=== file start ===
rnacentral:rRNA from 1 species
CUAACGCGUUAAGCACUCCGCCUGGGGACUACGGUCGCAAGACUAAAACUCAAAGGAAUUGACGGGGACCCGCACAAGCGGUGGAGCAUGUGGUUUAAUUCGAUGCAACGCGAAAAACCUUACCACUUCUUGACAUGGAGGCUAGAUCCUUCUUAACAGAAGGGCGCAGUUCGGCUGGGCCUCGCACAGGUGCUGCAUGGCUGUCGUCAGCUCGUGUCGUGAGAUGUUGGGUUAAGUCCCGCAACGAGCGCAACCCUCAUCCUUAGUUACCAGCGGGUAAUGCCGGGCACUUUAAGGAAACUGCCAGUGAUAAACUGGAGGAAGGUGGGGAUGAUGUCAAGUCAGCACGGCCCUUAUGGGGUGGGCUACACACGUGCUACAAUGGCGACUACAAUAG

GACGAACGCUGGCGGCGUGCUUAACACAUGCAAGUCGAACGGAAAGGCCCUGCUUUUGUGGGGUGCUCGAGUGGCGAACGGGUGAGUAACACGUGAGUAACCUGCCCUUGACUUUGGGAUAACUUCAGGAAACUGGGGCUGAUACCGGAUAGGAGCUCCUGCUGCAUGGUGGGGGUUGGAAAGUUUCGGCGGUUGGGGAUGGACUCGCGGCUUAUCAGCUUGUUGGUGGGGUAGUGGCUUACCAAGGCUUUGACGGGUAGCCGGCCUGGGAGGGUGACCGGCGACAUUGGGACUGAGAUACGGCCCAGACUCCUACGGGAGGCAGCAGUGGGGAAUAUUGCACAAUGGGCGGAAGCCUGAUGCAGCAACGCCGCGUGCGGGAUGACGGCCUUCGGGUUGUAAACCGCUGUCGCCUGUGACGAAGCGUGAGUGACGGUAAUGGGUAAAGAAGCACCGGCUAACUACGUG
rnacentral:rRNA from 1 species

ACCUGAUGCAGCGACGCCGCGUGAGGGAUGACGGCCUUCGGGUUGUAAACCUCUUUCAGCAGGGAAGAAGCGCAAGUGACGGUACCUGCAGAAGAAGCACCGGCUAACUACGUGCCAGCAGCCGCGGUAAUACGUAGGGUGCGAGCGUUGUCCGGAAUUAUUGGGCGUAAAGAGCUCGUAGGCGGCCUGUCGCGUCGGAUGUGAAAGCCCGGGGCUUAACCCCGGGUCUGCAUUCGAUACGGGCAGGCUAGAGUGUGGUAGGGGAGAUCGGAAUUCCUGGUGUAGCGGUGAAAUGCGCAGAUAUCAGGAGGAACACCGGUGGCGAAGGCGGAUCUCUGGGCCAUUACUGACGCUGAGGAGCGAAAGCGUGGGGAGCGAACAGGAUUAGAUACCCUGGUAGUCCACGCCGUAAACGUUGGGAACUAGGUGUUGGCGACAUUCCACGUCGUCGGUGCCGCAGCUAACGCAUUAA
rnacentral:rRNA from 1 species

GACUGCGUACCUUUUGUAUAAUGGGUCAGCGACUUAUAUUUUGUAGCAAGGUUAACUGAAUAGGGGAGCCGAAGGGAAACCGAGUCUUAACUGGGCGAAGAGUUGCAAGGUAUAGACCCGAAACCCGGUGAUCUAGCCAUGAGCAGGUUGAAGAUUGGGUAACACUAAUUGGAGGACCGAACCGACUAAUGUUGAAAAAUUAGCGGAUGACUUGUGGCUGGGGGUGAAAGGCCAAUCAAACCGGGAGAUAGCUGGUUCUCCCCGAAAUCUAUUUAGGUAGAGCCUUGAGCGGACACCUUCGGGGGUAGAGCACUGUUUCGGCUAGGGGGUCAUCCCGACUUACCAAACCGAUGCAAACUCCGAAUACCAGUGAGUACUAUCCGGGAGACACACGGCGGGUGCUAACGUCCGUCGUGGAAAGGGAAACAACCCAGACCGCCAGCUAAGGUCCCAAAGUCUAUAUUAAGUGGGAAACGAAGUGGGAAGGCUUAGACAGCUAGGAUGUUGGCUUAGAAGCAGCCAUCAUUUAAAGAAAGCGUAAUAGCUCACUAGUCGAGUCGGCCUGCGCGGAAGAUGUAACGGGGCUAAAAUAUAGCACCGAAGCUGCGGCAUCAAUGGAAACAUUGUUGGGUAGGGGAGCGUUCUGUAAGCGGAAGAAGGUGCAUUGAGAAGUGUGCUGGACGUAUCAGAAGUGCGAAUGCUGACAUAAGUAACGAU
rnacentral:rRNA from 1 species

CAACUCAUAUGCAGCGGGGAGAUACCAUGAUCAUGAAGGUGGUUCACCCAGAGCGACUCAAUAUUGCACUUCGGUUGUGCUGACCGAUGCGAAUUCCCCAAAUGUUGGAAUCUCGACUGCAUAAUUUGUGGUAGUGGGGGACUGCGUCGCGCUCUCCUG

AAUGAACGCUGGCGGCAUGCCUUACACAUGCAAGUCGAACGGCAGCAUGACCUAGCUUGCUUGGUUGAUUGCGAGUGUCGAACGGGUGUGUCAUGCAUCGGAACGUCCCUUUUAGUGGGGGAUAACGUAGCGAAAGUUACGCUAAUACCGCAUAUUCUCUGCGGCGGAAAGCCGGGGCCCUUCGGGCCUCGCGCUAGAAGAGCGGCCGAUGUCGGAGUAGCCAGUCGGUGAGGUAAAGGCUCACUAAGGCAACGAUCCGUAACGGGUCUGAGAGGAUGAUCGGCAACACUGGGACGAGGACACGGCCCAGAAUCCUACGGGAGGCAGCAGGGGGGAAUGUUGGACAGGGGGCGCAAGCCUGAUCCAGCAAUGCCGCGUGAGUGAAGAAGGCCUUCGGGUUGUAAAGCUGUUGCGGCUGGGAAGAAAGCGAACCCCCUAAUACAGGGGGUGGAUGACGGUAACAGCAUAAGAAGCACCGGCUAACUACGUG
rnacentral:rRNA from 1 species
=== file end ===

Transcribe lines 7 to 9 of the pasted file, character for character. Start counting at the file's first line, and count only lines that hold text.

GACUGCGUACCUUUUGUAUAAUGGGUCAGCGACUUAUAUUUUGUAGCAAGGUUAACUGAAUAGGGGAGCCGAAGGGAAACCGAGUCUUAACUGGGCGAAGAGUUGCAAGGUAUAGACCCGAAACCCGGUGAUCUAGCCAUGAGCAGGUUGAAGAUUGGGUAACACUAAUUGGAGGACCGAACCGACUAAUGUUGAAAAAUUAGCGGAUGACUUGUGGCUGGGGGUGAAAGGCCAAUCAAACCGGGAGAUAGCUGGUUCUCCCCGAAAUCUAUUUAGGUAGAGCCUUGAGCGGACACCUUCGGGGGUAGAGCACUGUUUCGGCUAGGGGGUCAUCCCGACUUACCAAACCGAUGCAAACUCCGAAUACCAGUGAGUACUAUCCGGGAGACACACGGCGGGUGCUAACGUCCGUCGUGGAAAGGGAAACAACCCAGACCGCCAGCUAAGGUCCCAAAGUCUAUAUUAAGUGGGAAACGAAGUGGGAAGGCUUAGACAGCUAGGAUGUUGGCUUAGAAGCAGCCAUCAUUUAAAGAAAGCGUAAUAGCUCACUAGUCGAGUCGGCCUGCGCGGAAGAUGUAACGGGGCUAAAAUAUAGCACCGAAGCUGCGGCAUCAAUGGAAACAUUGUUGGGUAGGGGAGCGUUCUGUAAGCGGAAGAAGGUGCAUUGAGAAGUGUGCUGGACGUAUCAGAAGUGCGAAUGCUGACAUAAGUAACGAU
rnacentral:rRNA from 1 species

CAACUCAUAUGCAGCGGGGAGAUACCAUGAUCAUGAAGGUGGUUCACCCAGAGCGACUCAAUAUUGCACUUCGGUUGUGCUGACCGAUGCGAAUUCCCCAAAUGUUGGAAUCUCGACUGCAUAAUUUGUGGUAGUGGGGGACUGCGUCGCGCUCUCCUG